Role of the Social Worker in the Management of Rheumatic Diseases
The social worker (SW) offers a broad range of psychosocial services ranging from emotional support to referrals for community resources that can assist in enhancing quality of life and adaptation to acute and chronic rheumatic conditions.
What Does the Social Worker Do?
The psychosocial assessment provides the basis for the SW’s intervention. This assessment includes evaluation of the patient’s resources, strengths, and support systems, such as:
- Education level
- Family support
- Financial situation
- Impact of illness
- Leisure interests
- Living arrangements
- Past coping behaviors
The SW also addresses the patient’s emotional response and reaction to the diagnosis of a rheumatic illness, including:
- Emotional and financial impact of the disease on the family
- Effect on a patient’s relationships and roles
- Other personal or social problems that might have an impact on their illness
Additional roles of the SW include:
- Providing information about psychosocial issues to the rest of the team that can guide health care professionals in their treatment, management, and interaction with the patient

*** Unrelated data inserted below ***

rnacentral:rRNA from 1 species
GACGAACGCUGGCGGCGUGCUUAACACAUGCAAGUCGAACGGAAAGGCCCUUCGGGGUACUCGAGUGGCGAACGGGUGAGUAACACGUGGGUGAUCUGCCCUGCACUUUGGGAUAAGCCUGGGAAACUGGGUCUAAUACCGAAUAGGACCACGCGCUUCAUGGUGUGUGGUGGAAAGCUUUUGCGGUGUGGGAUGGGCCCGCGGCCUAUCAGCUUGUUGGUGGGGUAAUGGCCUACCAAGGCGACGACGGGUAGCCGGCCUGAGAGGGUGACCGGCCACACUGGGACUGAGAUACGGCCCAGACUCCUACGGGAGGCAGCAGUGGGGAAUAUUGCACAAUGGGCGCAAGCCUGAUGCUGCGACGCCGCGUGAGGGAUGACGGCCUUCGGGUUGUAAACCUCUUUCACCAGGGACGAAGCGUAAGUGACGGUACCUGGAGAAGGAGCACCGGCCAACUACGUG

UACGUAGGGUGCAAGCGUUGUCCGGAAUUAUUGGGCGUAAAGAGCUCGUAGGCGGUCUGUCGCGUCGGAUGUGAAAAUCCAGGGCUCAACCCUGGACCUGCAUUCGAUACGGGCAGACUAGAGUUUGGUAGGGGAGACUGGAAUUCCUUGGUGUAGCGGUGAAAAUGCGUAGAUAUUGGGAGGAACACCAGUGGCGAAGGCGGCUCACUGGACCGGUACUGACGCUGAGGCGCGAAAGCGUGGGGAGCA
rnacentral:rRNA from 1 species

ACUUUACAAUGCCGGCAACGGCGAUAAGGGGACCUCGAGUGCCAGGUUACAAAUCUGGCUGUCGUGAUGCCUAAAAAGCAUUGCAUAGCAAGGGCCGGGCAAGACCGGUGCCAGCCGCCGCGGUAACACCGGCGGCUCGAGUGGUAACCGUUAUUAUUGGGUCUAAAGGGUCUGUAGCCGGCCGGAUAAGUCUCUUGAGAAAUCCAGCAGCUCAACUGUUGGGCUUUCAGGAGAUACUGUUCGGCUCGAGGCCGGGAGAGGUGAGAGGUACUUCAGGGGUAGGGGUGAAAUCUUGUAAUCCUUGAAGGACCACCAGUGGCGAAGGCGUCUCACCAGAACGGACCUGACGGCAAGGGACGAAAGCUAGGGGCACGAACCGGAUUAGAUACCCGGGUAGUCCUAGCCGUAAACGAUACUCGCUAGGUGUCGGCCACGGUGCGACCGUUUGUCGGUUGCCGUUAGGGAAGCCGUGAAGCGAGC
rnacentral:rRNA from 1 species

- Guiding the patient to help negotiate the health care system more effectively
- Designing counseling interventions to maximize personal and social resources in dealing with the acute and long-term issues of managing a chronic rheumatic disease
- Fostering the return to functional independence by identifying community resources (e.g., finances, medical insurance programs, home care, transportation, and community service organizations) that can meet their environmental, personal, or interpersonal needs
- Involvement in program planning, evaluation, and research
Where Does the Social Worker Work?
- Rehabilitation centers
- Outpatient clinics
- Community mental health centers
- Family and community service agencies
- Home care departments
- Extended care facilities
- Private practice settings
What Kind of Training Does a Social Worker Have?
SWs may have a bachelor’s, master’s, or doctoral degree, and most states require licensure for practice. National credentialing programs for advanced practice include the National Academy of Social Workers and Board-Certified Diplomat in Clinical Social Work.
This information is provided for general education only. Individuals should consult a qualified health care provider for professional medical advice, diagnosis, and treatment of a medical or health condition.